If your sleep apnea becomes serious enough, it may increase your risk of stroke. Prolonged sleep apnea can lead to either a hemorrhagic stroke or an ischemic stroke, depending on the form of sleep apnea and how it affects your brain.
Sleep Apnea Linked To Silent Strokes
Breathing Pauses During Sleep Tied to Brain Lesions
Feb. 1, 2012 — A common sleep disorder is associated with an increased risk of symptomless but serious strokes called silent strokes, German researchers report.
Sleep apnea, a condition marked by periodic interruptions in breathing during , has been linked to an increased risk of strokes. But there hasn’t been much research exploring the relationship between sleep apnea and silent strokes, says researcher Jessica Kepplinger, MD, of Dresden University Center at the University of Technology in Dresden, Germany.
So, Kepplinger and colleagues studied 56 men and women, aged 44 to 75 years, whod had a or mini- known as a transient ischemic attack. All were given a screening tool that picks up changes in breathing during .
Ninety-one percent periodically stopped breathing while they slept.
Then the men and women underwent imaging scans. Just over half had little areas of tissue death in the that had occurred in the past without a history of corresponding stroke symptoms — evidence, Kepplinger tells WebMD, of silent stroke.
The more times a person stopped breathing during the night, the greater the likelihood of silent stroke, she says.
There was no comparison group, so researchers don’t know how many people of the same ages and health status who don’t have sleep apnea have had silent strokes.
Link Between Breathing And Stroke
MRI imaging studies suggest about 20% to 25% of people over age 60 have had a silent stroke, according to Harvard Medical School neurologist Steven Greenberg, MD, PhD. They have been linked to memory loss in some people, he says.
The study offers “good evidence linking” sleep apnea to silent stroke, Greenberg tells WebMD. But this is just an observation of an association between the two that needs further study, he says.
Greenberg moderated a news briefing to discuss the findings at the American Stroke Association’s International Stroke Conference.
The study is small and preliminary. But it poses a number of questions that deserve further research, says Harvard neurologist Lee Schwamm, MD.
“I think what we can say is that breathing problems are more common in stroke patients than suspected,” he tells WebMD.
“But is abnormal breathing during sleep a long-term problem in these patients? Or will it go away? And is abnormal breathing a risk factor that leads to stroke? Or is it a consequence of stroke?” Schwamm asks.
Kepplinger plans further study. In the meantime, she says, all stroke patients should be screened for sleep apnea.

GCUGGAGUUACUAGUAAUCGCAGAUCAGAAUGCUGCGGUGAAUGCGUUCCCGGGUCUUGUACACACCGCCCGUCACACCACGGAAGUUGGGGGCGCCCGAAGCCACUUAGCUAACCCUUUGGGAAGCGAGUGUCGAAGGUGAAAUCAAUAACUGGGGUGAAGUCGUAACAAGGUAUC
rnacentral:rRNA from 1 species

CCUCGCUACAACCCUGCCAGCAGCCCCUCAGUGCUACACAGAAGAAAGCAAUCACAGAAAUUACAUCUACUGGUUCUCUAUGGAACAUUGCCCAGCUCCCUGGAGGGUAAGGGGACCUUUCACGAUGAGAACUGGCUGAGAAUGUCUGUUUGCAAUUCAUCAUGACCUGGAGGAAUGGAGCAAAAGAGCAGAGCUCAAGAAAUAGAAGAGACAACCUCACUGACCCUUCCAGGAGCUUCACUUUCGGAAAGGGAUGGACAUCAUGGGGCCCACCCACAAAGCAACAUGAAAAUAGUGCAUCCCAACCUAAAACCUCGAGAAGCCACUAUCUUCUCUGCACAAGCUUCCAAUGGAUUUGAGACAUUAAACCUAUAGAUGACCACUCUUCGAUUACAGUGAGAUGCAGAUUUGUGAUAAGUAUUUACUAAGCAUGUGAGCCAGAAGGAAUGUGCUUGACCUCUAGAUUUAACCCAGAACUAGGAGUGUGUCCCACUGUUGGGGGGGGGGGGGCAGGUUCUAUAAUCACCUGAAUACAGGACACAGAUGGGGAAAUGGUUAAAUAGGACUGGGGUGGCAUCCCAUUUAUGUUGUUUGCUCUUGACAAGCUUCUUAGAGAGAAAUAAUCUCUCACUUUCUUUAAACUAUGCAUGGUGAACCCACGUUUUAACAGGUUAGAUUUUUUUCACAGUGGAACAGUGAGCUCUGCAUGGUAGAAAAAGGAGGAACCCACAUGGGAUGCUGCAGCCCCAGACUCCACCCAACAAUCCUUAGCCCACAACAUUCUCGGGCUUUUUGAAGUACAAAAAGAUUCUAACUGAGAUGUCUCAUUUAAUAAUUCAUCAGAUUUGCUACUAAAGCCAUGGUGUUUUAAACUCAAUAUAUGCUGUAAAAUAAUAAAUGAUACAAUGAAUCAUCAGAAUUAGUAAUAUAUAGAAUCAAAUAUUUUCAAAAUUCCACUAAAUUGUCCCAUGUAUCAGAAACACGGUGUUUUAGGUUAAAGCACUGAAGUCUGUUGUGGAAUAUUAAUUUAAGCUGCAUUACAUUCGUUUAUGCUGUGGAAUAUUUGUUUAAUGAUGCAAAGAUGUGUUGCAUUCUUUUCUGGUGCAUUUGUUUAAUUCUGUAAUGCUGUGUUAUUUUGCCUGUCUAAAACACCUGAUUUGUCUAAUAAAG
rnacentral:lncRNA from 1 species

These findings were presented at a medical conference. They should be considered preliminary as they have not yet undergone the “peer review” process, in which outside experts scrutinize the data prior to publication in a medical journal.
What Is Sleep Apnea
Sleep apnea is a serious sleep disorder that happens when a person’s breathing is interrupted during sleep. People with untreated sleep apnea stop breathing repeatedly during their sleep, sometimes hundreds of times during the night.
If its not treated, sleep apnea can cause a number of health problems, including , , , heart failure, and heart attacks. Untreated sleep apnea can also be responsible for job impairment, work-related accidents and motor vehicle crashes, as well as underachievement in school in children and adolescents.
There are two types of sleep apnea, obstructive and central:
- Obstructive sleep apnea is the more common of the two. Obstructive sleep apnea occurs as repetitive episodes of complete or partial upper airway blockage during sleep. During an apneic episode, the diaphragm and chest muscles work harder as the pressure increases to open the airway. Breathing usually resumes with a loud gasp or body jerk. These episodes can interfere with sound sleep, reduce the flow of oxygen to vital organs, and cause heart rhythm irregularities.
- In central sleep apnea, the airway is not blocked but the brain fails to signal the muscles to breathe due to instability in the respiratory control center. Central apnea is related to the function of the central nervous system.
Why Are Sleep Apnea And Stroke Risks Related
Nearly 70% of first-time ischemic stroke patients have sleep apnea, showing that this can be a dangerous duo.
Dr. Melissa Lipford, a neurologist at the Center for Sleep Medicine at Mayo Clinic in Minnesota, explains one reason why the risk of stroke increases in people with sleep apnea:
During an apneic episode, the body asserts an amazing amount of effort to try to open the airway and get a breath in. Unfortunately, this effort frequently fails to supply the brain with the oxygen it needs to keep the entire body and all its systems working smoothly as you sleep.
In a healthy sleeper, the inhalation of oxygen is accompanied by the exhalation of carbon dioxide. Without this exchange of gases, carbon dioxide builds to unhealthy levels in the bloodstream. Excess carbon dioxide leads to excessive blood flow in the brain, leading to high blood pressure. High blood pressure increases the risk of stroke.